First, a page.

How to Conquer Fears on Holiday

I love the idea that going on holiday changes you, even the tiniest bit. I love getting uncomfortable, testing my limits and meeting new people that challenge my way of thinking.

So since I know I will have to get out of my comfort zone anyway, why not really test myself?

I have a crippling fear of steep inclines, which has haunted my dreams throughout my life, causing me to wake panting in terror. Come hiking with me and I will probably get nervous at some point in the climb. What if I fall backwards? Gondola rides and zip lining in treetops are exciting and exhilarating for some, yet to me are about as pleasant as getting pubic hair removed.

Despite this fear, I always try to test myself. I know my limits though, which is why I knew there was no way I could do the stairway to heaven hike in Hawaii. If you haven’t heard of it before, the stairway to heaven is a trek along the old Haiku stairs built in 1942 by the U.S Navy to allow access to the radio tower at the top. The stairs were restored in 2003 yet remain broken in areas. The hike in total involves 3922 stairs and takes approximately four to six hours to complete. However, it is now illegal to do the hike and can result in a fine of up to 1000USD. So much risk to see a beautiful sunrise on the mountains!

When I first travelled to New Zealand in March 2017, I hiked the epic Tongariro Crossing. There was a point where I was climbing up the steep side of the volcano, stepping cautiously onto the volcanic gravel remnants beneath my feet and holding onto rocks for dear life as I made my way up to safety. If I slipped or lost my grip, the crater below awaited me. With the support of my friend, I made it to the rocky top where I could finally exhale. A small win.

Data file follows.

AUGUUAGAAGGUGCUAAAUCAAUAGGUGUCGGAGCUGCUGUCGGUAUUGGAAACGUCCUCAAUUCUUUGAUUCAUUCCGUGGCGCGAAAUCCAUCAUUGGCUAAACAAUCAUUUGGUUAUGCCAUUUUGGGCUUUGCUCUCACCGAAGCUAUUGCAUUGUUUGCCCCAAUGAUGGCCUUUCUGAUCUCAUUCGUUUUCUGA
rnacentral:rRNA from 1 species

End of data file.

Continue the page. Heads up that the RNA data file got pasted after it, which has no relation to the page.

In Croatia, I zip lined over the Cetina River in Split. I had been zip lining before, which had ended in tears, but that was nothing compared to this. The adventure involved eight wires with a total length of 2100m. The longest wire was 700 metres! My stomach still churns when I think about flying over that river, 150m above the water. Yet no tears were shed. Another small win.

In Hawaii I wondered how I would test myself until the girls I was travelling with suggested doing the Crouching Lion hike on Oahu. I hadn’t heard of it, so I searched it on Google. I came across a blog post and video from someone who had done it.

This hike should be avoided if you are scared of heights as it is not for the faint hearted, I read.

“Ah, yeah, I dunno if I can do this one guys”, I told my new friends.

“It’s okay. I think there’s an easy part at the start and the scary part is just at the end”, Jet replied.

Hearing that put me at ease, so the next morning at 10am we drove to the start of the hike.

The entrance was a small, inconspicuous opening on the side of the road, with a sign reading: MOUNTAIN FACE CLOSED. DANGEROUS SLIP. This must be it. As we entered the tropical bush, we soon found ourselves hunched over, ducking under branches in the dense flora, while simultaneously finding our footing on the roots intertwining themselves around the mountain face. The slope of the climb became steeper and steeper. Fuck, what have I gotten myself into? After about twenty minutes of climbing, we cleared the dense bush and were out in the open, half way up the mountain.